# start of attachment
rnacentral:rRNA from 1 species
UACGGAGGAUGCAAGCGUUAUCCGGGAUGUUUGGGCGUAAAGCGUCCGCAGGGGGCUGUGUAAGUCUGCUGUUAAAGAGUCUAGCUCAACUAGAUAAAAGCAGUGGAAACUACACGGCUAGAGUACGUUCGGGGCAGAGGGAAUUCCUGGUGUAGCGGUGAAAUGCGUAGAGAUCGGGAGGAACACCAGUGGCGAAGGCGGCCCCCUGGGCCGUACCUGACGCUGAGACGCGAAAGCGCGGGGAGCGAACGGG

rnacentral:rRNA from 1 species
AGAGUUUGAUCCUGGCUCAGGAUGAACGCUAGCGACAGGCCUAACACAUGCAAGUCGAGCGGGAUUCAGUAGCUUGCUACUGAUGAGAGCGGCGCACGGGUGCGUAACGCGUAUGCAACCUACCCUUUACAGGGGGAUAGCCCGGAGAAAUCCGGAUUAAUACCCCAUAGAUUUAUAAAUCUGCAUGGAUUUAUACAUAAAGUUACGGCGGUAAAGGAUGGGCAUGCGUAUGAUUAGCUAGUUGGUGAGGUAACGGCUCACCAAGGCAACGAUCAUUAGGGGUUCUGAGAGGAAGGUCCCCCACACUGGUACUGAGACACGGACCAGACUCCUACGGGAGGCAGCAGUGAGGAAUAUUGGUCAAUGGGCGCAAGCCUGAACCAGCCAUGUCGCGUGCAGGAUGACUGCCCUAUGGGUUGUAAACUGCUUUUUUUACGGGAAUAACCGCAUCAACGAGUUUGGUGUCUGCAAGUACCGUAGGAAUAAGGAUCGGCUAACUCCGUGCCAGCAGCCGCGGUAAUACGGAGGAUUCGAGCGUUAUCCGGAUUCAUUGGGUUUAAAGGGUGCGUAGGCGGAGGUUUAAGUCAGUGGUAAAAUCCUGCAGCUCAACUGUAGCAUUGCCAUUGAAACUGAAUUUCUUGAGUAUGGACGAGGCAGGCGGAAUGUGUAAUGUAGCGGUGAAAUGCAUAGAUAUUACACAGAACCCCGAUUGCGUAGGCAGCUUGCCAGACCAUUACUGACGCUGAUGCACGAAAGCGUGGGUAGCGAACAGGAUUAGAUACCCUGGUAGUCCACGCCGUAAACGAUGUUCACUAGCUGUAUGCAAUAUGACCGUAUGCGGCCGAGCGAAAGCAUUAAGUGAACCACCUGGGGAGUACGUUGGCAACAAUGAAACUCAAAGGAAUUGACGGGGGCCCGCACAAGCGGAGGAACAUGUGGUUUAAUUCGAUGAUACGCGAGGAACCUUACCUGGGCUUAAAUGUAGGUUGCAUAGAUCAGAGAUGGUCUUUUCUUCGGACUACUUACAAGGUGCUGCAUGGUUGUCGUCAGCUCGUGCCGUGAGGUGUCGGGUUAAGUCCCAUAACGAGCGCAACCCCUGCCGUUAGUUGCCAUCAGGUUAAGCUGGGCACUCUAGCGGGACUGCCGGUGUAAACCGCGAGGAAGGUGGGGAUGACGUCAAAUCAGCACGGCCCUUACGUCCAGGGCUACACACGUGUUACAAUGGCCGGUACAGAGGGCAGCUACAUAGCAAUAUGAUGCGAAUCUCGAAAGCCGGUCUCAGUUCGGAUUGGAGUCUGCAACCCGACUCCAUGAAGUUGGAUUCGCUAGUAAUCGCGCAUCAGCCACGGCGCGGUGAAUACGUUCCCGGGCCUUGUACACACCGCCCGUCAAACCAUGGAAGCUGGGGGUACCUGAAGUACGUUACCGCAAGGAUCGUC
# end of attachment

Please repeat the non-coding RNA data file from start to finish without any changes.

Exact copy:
rnacentral:rRNA from 1 species
UACGGAGGAUGCAAGCGUUAUCCGGGAUGUUUGGGCGUAAAGCGUCCGCAGGGGGCUGUGUAAGUCUGCUGUUAAAGAGUCUAGCUCAACUAGAUAAAAGCAGUGGAAACUACACGGCUAGAGUACGUUCGGGGCAGAGGGAAUUCCUGGUGUAGCGGUGAAAUGCGUAGAGAUCGGGAGGAACACCAGUGGCGAAGGCGGCCCCCUGGGCCGUACCUGACGCUGAGACGCGAAAGCGCGGGGAGCGAACGGG

rnacentral:rRNA from 1 species
AGAGUUUGAUCCUGGCUCAGGAUGAACGCUAGCGACAGGCCUAACACAUGCAAGUCGAGCGGGAUUCAGUAGCUUGCUACUGAUGAGAGCGGCGCACGGGUGCGUAACGCGUAUGCAACCUACCCUUUACAGGGGGAUAGCCCGGAGAAAUCCGGAUUAAUACCCCAUAGAUUUAUAAAUCUGCAUGGAUUUAUACAUAAAGUUACGGCGGUAAAGGAUGGGCAUGCGUAUGAUUAGCUAGUUGGUGAGGUAACGGCUCACCAAGGCAACGAUCAUUAGGGGUUCUGAGAGGAAGGUCCCCCACACUGGUACUGAGACACGGACCAGACUCCUACGGGAGGCAGCAGUGAGGAAUAUUGGUCAAUGGGCGCAAGCCUGAACCAGCCAUGUCGCGUGCAGGAUGACUGCCCUAUGGGUUGUAAACUGCUUUUUUUACGGGAAUAACCGCAUCAACGAGUUUGGUGUCUGCAAGUACCGUAGGAAUAAGGAUCGGCUAACUCCGUGCCAGCAGCCGCGGUAAUACGGAGGAUUCGAGCGUUAUCCGGAUUCAUUGGGUUUAAAGGGUGCGUAGGCGGAGGUUUAAGUCAGUGGUAAAAUCCUGCAGCUCAACUGUAGCAUUGCCAUUGAAACUGAAUUUCUUGAGUAUGGACGAGGCAGGCGGAAUGUGUAAUGUAGCGGUGAAAUGCAUAGAUAUUACACAGAACCCCGAUUGCGUAGGCAGCUUGCCAGACCAUUACUGACGCUGAUGCACGAAAGCGUGGGUAGCGAACAGGAUUAGAUACCCUGGUAGUCCACGCCGUAAACGAUGUUCACUAGCUGUAUGCAAUAUGACCGUAUGCGGCCGAGCGAAAGCAUUAAGUGAACCACCUGGGGAGUACGUUGGCAACAAUGAAACUCAAAGGAAUUGACGGGGGCCCGCACAAGCGGAGGAACAUGUGGUUUAAUUCGAUGAUACGCGAGGAACCUUACCUGGGCUUAAAUGUAGGUUGCAUAGAUCAGAGAUGGUCUUUUCUUCGGACUACUUACAAGGUGCUGCAUGGUUGUCGUCAGCUCGUGCCGUGAGGUGUCGGGUUAAGUCCCAUAACGAGCGCAACCCCUGCCGUUAGUUGCCAUCAGGUUAAGCUGGGCACUCUAGCGGGACUGCCGGUGUAAACCGCGAGGAAGGUGGGGAUGACGUCAAAUCAGCACGGCCCUUACGUCCAGGGCUACACACGUGUUACAAUGGCCGGUACAGAGGGCAGCUACAUAGCAAUAUGAUGCGAAUCUCGAAAGCCGGUCUCAGUUCGGAUUGGAGUCUGCAACCCGACUCCAUGAAGUUGGAUUCGCUAGUAAUCGCGCAUCAGCCACGGCGCGGUGAAUACGUUCCCGGGCCUUGUACACACCGCCCGUCAAACCAUGGAAGCUGGGGGUACCUGAAGUACGUUACCGCAAGGAUCGUC